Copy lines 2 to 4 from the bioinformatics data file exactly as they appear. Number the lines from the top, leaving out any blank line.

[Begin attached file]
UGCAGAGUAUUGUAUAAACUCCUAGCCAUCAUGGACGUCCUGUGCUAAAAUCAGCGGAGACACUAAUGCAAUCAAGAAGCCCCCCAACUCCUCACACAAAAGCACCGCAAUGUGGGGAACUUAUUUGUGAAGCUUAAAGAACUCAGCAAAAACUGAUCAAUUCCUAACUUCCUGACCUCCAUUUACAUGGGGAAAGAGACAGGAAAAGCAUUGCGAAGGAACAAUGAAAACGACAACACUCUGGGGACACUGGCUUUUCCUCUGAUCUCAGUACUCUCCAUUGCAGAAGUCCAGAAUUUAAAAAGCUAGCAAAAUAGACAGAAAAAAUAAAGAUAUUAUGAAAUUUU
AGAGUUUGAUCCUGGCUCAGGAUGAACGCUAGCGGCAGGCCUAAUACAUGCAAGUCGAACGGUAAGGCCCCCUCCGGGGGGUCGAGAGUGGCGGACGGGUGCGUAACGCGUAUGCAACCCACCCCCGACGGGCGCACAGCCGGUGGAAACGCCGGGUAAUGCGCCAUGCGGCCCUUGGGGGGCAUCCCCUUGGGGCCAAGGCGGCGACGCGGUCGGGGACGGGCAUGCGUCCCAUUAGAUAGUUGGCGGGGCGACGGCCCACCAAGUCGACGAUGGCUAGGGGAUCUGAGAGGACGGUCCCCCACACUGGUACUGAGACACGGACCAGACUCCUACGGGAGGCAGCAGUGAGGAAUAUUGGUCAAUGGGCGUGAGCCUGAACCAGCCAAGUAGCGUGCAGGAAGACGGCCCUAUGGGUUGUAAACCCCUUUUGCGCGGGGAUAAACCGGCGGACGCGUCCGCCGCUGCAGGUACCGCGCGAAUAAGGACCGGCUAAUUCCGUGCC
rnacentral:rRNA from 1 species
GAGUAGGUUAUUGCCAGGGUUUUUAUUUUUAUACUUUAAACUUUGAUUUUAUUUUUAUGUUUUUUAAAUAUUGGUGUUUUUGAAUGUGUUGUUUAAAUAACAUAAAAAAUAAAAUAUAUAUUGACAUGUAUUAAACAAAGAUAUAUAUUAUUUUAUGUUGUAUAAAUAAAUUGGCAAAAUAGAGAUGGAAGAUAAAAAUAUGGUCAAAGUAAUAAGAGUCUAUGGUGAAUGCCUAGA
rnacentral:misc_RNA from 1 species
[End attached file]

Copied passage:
AGAGUUUGAUCCUGGCUCAGGAUGAACGCUAGCGGCAGGCCUAAUACAUGCAAGUCGAACGGUAAGGCCCCCUCCGGGGGGUCGAGAGUGGCGGACGGGUGCGUAACGCGUAUGCAACCCACCCCCGACGGGCGCACAGCCGGUGGAAACGCCGGGUAAUGCGCCAUGCGGCCCUUGGGGGGCAUCCCCUUGGGGCCAAGGCGGCGACGCGGUCGGGGACGGGCAUGCGUCCCAUUAGAUAGUUGGCGGGGCGACGGCCCACCAAGUCGACGAUGGCUAGGGGAUCUGAGAGGACGGUCCCCCACACUGGUACUGAGACACGGACCAGACUCCUACGGGAGGCAGCAGUGAGGAAUAUUGGUCAAUGGGCGUGAGCCUGAACCAGCCAAGUAGCGUGCAGGAAGACGGCCCUAUGGGUUGUAAACCCCUUUUGCGCGGGGAUAAACCGGCGGACGCGUCCGCCGCUGCAGGUACCGCGCGAAUAAGGACCGGCUAAUUCCGUGCC
rnacentral:rRNA from 1 species
GAGUAGGUUAUUGCCAGGGUUUUUAUUUUUAUACUUUAAACUUUGAUUUUAUUUUUAUGUUUUUUAAAUAUUGGUGUUUUUGAAUGUGUUGUUUAAAUAACAUAAAAAAUAAAAUAUAUAUUGACAUGUAUUAAACAAAGAUAUAUAUUAUUUUAUGUUGUAUAAAUAAAUUGGCAAAAUAGAGAUGGAAGAUAAAAAUAUGGUCAAAGUAAUAAGAGUCUAUGGUGAAUGCCUAGA